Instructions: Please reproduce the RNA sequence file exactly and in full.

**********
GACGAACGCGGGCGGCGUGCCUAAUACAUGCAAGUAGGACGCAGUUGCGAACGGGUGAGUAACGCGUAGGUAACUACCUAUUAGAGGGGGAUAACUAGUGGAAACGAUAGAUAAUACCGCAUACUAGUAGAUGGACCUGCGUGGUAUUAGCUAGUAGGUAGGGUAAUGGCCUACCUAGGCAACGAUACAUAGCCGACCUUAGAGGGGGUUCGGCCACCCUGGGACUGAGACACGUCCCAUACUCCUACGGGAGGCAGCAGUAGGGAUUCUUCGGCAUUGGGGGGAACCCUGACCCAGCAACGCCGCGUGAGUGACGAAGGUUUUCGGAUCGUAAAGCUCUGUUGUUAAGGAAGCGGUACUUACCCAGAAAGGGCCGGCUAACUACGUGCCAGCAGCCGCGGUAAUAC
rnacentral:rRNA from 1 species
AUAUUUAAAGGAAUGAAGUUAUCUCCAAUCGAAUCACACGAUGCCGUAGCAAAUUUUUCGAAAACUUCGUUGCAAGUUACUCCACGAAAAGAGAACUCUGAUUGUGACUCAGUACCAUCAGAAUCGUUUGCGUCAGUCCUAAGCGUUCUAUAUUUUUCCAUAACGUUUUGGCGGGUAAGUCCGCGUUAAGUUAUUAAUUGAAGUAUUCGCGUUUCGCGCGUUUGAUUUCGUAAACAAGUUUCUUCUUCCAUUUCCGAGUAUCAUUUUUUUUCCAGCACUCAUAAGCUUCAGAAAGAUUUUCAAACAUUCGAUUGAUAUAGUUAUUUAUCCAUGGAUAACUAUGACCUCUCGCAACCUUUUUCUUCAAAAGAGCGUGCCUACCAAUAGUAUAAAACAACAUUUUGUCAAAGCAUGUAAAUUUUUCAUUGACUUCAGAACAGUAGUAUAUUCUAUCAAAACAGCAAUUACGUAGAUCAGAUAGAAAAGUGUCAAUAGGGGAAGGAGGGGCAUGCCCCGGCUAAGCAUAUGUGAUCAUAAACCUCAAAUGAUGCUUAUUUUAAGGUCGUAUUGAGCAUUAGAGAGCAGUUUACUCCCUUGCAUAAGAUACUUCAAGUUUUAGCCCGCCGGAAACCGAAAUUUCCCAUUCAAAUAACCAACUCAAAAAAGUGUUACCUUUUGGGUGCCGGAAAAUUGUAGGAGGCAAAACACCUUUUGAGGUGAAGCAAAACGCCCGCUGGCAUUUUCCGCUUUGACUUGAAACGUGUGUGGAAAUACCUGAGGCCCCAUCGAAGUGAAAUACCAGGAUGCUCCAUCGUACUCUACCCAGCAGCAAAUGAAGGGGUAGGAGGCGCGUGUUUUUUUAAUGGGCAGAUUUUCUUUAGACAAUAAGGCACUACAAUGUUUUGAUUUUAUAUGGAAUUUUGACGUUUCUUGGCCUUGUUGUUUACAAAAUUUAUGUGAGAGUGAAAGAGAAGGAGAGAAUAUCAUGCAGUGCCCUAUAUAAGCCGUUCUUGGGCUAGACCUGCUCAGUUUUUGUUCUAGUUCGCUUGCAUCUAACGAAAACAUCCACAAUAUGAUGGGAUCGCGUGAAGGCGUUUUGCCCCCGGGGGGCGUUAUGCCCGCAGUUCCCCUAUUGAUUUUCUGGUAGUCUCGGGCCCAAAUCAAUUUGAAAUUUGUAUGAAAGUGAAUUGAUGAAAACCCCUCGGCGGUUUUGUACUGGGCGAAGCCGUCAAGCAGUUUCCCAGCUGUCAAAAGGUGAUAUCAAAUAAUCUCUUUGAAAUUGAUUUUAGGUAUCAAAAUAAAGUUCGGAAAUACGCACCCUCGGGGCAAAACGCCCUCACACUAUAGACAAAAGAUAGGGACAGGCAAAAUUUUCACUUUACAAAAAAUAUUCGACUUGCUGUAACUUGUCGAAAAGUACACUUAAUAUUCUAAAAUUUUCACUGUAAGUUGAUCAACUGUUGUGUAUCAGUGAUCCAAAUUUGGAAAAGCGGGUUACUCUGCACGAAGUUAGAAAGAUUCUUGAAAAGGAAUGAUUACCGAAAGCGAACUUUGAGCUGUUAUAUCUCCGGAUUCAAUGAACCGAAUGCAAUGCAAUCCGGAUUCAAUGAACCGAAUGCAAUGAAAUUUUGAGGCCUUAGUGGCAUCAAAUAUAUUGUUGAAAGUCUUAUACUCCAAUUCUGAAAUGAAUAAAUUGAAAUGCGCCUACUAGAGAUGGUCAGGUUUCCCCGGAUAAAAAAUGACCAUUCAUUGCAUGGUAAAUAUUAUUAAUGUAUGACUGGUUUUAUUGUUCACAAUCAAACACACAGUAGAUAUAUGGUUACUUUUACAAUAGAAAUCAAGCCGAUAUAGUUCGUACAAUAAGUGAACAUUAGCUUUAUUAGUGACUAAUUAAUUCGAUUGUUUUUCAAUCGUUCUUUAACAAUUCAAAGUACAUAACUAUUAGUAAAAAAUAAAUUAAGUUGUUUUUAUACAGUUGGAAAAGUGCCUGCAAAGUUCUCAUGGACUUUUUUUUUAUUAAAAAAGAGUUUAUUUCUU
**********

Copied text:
GACGAACGCGGGCGGCGUGCCUAAUACAUGCAAGUAGGACGCAGUUGCGAACGGGUGAGUAACGCGUAGGUAACUACCUAUUAGAGGGGGAUAACUAGUGGAAACGAUAGAUAAUACCGCAUACUAGUAGAUGGACCUGCGUGGUAUUAGCUAGUAGGUAGGGUAAUGGCCUACCUAGGCAACGAUACAUAGCCGACCUUAGAGGGGGUUCGGCCACCCUGGGACUGAGACACGUCCCAUACUCCUACGGGAGGCAGCAGUAGGGAUUCUUCGGCAUUGGGGGGAACCCUGACCCAGCAACGCCGCGUGAGUGACGAAGGUUUUCGGAUCGUAAAGCUCUGUUGUUAAGGAAGCGGUACUUACCCAGAAAGGGCCGGCUAACUACGUGCCAGCAGCCGCGGUAAUAC
rnacentral:rRNA from 1 species
AUAUUUAAAGGAAUGAAGUUAUCUCCAAUCGAAUCACACGAUGCCGUAGCAAAUUUUUCGAAAACUUCGUUGCAAGUUACUCCACGAAAAGAGAACUCUGAUUGUGACUCAGUACCAUCAGAAUCGUUUGCGUCAGUCCUAAGCGUUCUAUAUUUUUCCAUAACGUUUUGGCGGGUAAGUCCGCGUUAAGUUAUUAAUUGAAGUAUUCGCGUUUCGCGCGUUUGAUUUCGUAAACAAGUUUCUUCUUCCAUUUCCGAGUAUCAUUUUUUUUCCAGCACUCAUAAGCUUCAGAAAGAUUUUCAAACAUUCGAUUGAUAUAGUUAUUUAUCCAUGGAUAACUAUGACCUCUCGCAACCUUUUUCUUCAAAAGAGCGUGCCUACCAAUAGUAUAAAACAACAUUUUGUCAAAGCAUGUAAAUUUUUCAUUGACUUCAGAACAGUAGUAUAUUCUAUCAAAACAGCAAUUACGUAGAUCAGAUAGAAAAGUGUCAAUAGGGGAAGGAGGGGCAUGCCCCGGCUAAGCAUAUGUGAUCAUAAACCUCAAAUGAUGCUUAUUUUAAGGUCGUAUUGAGCAUUAGAGAGCAGUUUACUCCCUUGCAUAAGAUACUUCAAGUUUUAGCCCGCCGGAAACCGAAAUUUCCCAUUCAAAUAACCAACUCAAAAAAGUGUUACCUUUUGGGUGCCGGAAAAUUGUAGGAGGCAAAACACCUUUUGAGGUGAAGCAAAACGCCCGCUGGCAUUUUCCGCUUUGACUUGAAACGUGUGUGGAAAUACCUGAGGCCCCAUCGAAGUGAAAUACCAGGAUGCUCCAUCGUACUCUACCCAGCAGCAAAUGAAGGGGUAGGAGGCGCGUGUUUUUUUAAUGGGCAGAUUUUCUUUAGACAAUAAGGCACUACAAUGUUUUGAUUUUAUAUGGAAUUUUGACGUUUCUUGGCCUUGUUGUUUACAAAAUUUAUGUGAGAGUGAAAGAGAAGGAGAGAAUAUCAUGCAGUGCCCUAUAUAAGCCGUUCUUGGGCUAGACCUGCUCAGUUUUUGUUCUAGUUCGCUUGCAUCUAACGAAAACAUCCACAAUAUGAUGGGAUCGCGUGAAGGCGUUUUGCCCCCGGGGGGCGUUAUGCCCGCAGUUCCCCUAUUGAUUUUCUGGUAGUCUCGGGCCCAAAUCAAUUUGAAAUUUGUAUGAAAGUGAAUUGAUGAAAACCCCUCGGCGGUUUUGUACUGGGCGAAGCCGUCAAGCAGUUUCCCAGCUGUCAAAAGGUGAUAUCAAAUAAUCUCUUUGAAAUUGAUUUUAGGUAUCAAAAUAAAGUUCGGAAAUACGCACCCUCGGGGCAAAACGCCCUCACACUAUAGACAAAAGAUAGGGACAGGCAAAAUUUUCACUUUACAAAAAAUAUUCGACUUGCUGUAACUUGUCGAAAAGUACACUUAAUAUUCUAAAAUUUUCACUGUAAGUUGAUCAACUGUUGUGUAUCAGUGAUCCAAAUUUGGAAAAGCGGGUUACUCUGCACGAAGUUAGAAAGAUUCUUGAAAAGGAAUGAUUACCGAAAGCGAACUUUGAGCUGUUAUAUCUCCGGAUUCAAUGAACCGAAUGCAAUGCAAUCCGGAUUCAAUGAACCGAAUGCAAUGAAAUUUUGAGGCCUUAGUGGCAUCAAAUAUAUUGUUGAAAGUCUUAUACUCCAAUUCUGAAAUGAAUAAAUUGAAAUGCGCCUACUAGAGAUGGUCAGGUUUCCCCGGAUAAAAAAUGACCAUUCAUUGCAUGGUAAAUAUUAUUAAUGUAUGACUGGUUUUAUUGUUCACAAUCAAACACACAGUAGAUAUAUGGUUACUUUUACAAUAGAAAUCAAGCCGAUAUAGUUCGUACAAUAAGUGAACAUUAGCUUUAUUAGUGACUAAUUAAUUCGAUUGUUUUUCAAUCGUUCUUUAACAAUUCAAAGUACAUAACUAUUAGUAAAAAAUAAAUUAAGUUGUUUUUAUACAGUUGGAAAAGUGCCUGCAAAGUUCUCAUGGACUUUUUUUUUAUUAAAAAAGAGUUUAUUUCUU